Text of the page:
No announcement yet.

Bangladesh - Male, 3, H5N1 confirmed (third case in Bangladesh, second case in 2011)

  • Filter
  • Time
  • Show
Clear All
new posts

  • Ronan Kelly
    Re: Bangladesh - Male, 3, H5N1 confirmed

    2nd Human case of Influenza H5N1 in 2011
    A case of Influenza H5N1 has been identified from one of our surveillance sites in Dhaka on 15th of March 2011. This was confirmed by Real-time RT-PCR.
    This is 31 month old male child who has presented with a history of cough and fever.
    Nasal and throat swab and blood were collected and found positive for H5N1.
    He has no symptom of illness now and completely recovered.
    This is the 2nd case of H5N1 infections in human this year.
    It may be mention here that the first human case of H5N1 was reported in Bangladesh in May 2008.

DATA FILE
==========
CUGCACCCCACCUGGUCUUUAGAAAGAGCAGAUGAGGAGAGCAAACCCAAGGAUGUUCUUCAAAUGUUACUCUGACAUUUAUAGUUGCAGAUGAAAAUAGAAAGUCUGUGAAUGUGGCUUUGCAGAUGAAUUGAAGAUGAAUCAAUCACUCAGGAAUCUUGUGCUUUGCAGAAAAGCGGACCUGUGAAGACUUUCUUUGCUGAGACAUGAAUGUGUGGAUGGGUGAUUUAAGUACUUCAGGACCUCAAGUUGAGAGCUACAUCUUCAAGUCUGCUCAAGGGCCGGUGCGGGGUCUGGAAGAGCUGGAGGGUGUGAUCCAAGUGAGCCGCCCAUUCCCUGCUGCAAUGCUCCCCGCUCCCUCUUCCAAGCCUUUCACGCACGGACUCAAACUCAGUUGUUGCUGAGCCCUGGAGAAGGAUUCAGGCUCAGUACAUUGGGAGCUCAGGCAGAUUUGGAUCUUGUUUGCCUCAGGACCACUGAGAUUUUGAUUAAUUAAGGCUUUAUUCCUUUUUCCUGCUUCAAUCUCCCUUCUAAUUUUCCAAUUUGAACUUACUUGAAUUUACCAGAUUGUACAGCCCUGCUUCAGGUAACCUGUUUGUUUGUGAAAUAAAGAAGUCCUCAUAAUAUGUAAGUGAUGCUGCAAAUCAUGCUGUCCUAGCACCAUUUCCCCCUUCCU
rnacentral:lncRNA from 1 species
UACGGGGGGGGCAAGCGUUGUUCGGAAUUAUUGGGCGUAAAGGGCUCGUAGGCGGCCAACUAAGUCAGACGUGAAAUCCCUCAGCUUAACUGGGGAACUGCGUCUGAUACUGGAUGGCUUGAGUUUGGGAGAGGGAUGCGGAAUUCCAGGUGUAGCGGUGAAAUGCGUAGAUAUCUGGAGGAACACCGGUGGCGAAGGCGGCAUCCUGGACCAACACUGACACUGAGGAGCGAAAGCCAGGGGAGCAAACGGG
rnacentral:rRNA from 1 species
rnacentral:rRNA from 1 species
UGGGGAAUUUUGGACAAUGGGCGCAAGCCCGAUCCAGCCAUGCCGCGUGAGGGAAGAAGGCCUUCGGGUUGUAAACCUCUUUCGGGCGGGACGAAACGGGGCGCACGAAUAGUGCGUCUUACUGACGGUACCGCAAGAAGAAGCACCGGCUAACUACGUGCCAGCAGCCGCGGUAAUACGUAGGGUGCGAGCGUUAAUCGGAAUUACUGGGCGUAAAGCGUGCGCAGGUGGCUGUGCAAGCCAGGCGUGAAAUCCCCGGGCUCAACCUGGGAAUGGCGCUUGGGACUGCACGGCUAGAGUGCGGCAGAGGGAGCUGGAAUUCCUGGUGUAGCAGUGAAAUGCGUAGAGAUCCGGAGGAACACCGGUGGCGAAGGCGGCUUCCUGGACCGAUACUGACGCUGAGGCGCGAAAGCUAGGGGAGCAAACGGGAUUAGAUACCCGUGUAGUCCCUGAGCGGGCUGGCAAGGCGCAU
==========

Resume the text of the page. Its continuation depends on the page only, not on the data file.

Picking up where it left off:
Leave a comment:

  • Bangladesh - Male, 3, H5N1 confirmed (third case in Bangladesh, second case in 2011)


    Another human case of bird flu surfaces
    Wed, Mar 16th, 2011 6:40 pm BdST

    Dhaka, March 16 ( ? Another human case of avian influenza has been detected in the Kamalapur area of the capital, two days after a 13-month-old girl was found carrying the H5N1 virus in the same locality.

    The Institute of Epidemiology Disease Control and Research (IEDCR) discovered the fresh case while mopping up the area on Wednesday. It launched a drive in the locality following the detection of first case of the year in the area on Sunday.

    IEDCR director Prof Mahmudur Rahman told that a 31-month-old boy had been detected carrying the virus in their lab.

    They tested nasal as well as throat swab and blood to confirm the case. The boy showed up with mild symptoms including fever and cough at the IEDCR and ICDDR,B joint surveillance site at Kamalapur, the director said.

    Prof Rahman, however, said that the boy was not related to the earlier case.

    So far, three people have been detected infected with the bird flu virus since its first outbreak in March 2007 in poultry.

    IEDCR urged people not to panic, rather be aware of the disease.